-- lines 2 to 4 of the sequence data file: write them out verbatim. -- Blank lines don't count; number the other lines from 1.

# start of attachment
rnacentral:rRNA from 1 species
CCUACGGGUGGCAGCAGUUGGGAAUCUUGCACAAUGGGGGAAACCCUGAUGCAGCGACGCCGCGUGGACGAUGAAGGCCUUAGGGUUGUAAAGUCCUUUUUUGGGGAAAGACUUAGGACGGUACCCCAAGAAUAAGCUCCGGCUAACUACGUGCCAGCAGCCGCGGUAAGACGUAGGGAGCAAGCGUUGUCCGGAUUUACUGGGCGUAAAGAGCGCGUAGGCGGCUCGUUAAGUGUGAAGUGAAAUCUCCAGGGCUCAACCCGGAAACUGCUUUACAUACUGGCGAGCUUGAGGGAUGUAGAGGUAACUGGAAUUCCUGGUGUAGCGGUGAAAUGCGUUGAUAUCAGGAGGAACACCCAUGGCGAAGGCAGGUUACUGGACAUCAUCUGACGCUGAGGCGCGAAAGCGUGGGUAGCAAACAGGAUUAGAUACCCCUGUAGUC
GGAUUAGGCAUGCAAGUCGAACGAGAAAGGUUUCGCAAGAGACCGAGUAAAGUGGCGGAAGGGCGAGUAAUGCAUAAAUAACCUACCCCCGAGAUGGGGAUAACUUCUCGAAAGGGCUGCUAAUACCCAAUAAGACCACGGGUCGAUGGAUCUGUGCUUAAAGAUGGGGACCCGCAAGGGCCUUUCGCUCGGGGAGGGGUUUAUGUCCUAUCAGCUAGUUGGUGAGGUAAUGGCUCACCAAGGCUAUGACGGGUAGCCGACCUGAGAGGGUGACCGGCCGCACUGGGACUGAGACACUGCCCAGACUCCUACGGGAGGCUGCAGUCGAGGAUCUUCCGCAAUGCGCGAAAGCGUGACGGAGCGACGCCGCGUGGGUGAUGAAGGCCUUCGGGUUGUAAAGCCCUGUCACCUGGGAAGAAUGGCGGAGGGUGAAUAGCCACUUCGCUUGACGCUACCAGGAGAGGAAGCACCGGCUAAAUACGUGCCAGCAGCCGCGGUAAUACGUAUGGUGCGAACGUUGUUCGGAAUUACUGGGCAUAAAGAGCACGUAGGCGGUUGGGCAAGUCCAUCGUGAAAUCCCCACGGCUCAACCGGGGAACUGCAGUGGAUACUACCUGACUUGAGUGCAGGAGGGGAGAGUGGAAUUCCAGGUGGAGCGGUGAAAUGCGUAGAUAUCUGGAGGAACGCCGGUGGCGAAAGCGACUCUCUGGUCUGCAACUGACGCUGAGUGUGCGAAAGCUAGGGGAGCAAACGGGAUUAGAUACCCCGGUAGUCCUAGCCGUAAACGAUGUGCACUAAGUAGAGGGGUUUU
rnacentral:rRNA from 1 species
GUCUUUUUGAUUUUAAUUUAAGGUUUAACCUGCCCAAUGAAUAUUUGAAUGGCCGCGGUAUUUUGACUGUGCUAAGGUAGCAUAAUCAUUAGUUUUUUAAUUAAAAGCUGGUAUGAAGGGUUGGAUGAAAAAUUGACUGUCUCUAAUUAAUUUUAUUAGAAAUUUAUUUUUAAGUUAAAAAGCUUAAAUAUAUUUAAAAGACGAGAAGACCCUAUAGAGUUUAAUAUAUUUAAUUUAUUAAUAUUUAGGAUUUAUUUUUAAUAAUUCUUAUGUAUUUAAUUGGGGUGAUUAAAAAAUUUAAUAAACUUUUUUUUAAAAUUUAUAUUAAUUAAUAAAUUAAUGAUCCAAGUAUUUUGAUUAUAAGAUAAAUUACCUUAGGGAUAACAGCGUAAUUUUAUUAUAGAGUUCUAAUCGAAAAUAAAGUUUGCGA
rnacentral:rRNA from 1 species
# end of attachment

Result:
CCUACGGGUGGCAGCAGUUGGGAAUCUUGCACAAUGGGGGAAACCCUGAUGCAGCGACGCCGCGUGGACGAUGAAGGCCUUAGGGUUGUAAAGUCCUUUUUUGGGGAAAGACUUAGGACGGUACCCCAAGAAUAAGCUCCGGCUAACUACGUGCCAGCAGCCGCGGUAAGACGUAGGGAGCAAGCGUUGUCCGGAUUUACUGGGCGUAAAGAGCGCGUAGGCGGCUCGUUAAGUGUGAAGUGAAAUCUCCAGGGCUCAACCCGGAAACUGCUUUACAUACUGGCGAGCUUGAGGGAUGUAGAGGUAACUGGAAUUCCUGGUGUAGCGGUGAAAUGCGUUGAUAUCAGGAGGAACACCCAUGGCGAAGGCAGGUUACUGGACAUCAUCUGACGCUGAGGCGCGAAAGCGUGGGUAGCAAACAGGAUUAGAUACCCCUGUAGUC
GGAUUAGGCAUGCAAGUCGAACGAGAAAGGUUUCGCAAGAGACCGAGUAAAGUGGCGGAAGGGCGAGUAAUGCAUAAAUAACCUACCCCCGAGAUGGGGAUAACUUCUCGAAAGGGCUGCUAAUACCCAAUAAGACCACGGGUCGAUGGAUCUGUGCUUAAAGAUGGGGACCCGCAAGGGCCUUUCGCUCGGGGAGGGGUUUAUGUCCUAUCAGCUAGUUGGUGAGGUAAUGGCUCACCAAGGCUAUGACGGGUAGCCGACCUGAGAGGGUGACCGGCCGCACUGGGACUGAGACACUGCCCAGACUCCUACGGGAGGCUGCAGUCGAGGAUCUUCCGCAAUGCGCGAAAGCGUGACGGAGCGACGCCGCGUGGGUGAUGAAGGCCUUCGGGUUGUAAAGCCCUGUCACCUGGGAAGAAUGGCGGAGGGUGAAUAGCCACUUCGCUUGACGCUACCAGGAGAGGAAGCACCGGCUAAAUACGUGCCAGCAGCCGCGGUAAUACGUAUGGUGCGAACGUUGUUCGGAAUUACUGGGCAUAAAGAGCACGUAGGCGGUUGGGCAAGUCCAUCGUGAAAUCCCCACGGCUCAACCGGGGAACUGCAGUGGAUACUACCUGACUUGAGUGCAGGAGGGGAGAGUGGAAUUCCAGGUGGAGCGGUGAAAUGCGUAGAUAUCUGGAGGAACGCCGGUGGCGAAAGCGACUCUCUGGUCUGCAACUGACGCUGAGUGUGCGAAAGCUAGGGGAGCAAACGGGAUUAGAUACCCCGGUAGUCCUAGCCGUAAACGAUGUGCACUAAGUAGAGGGGUUUU
rnacentral:rRNA from 1 species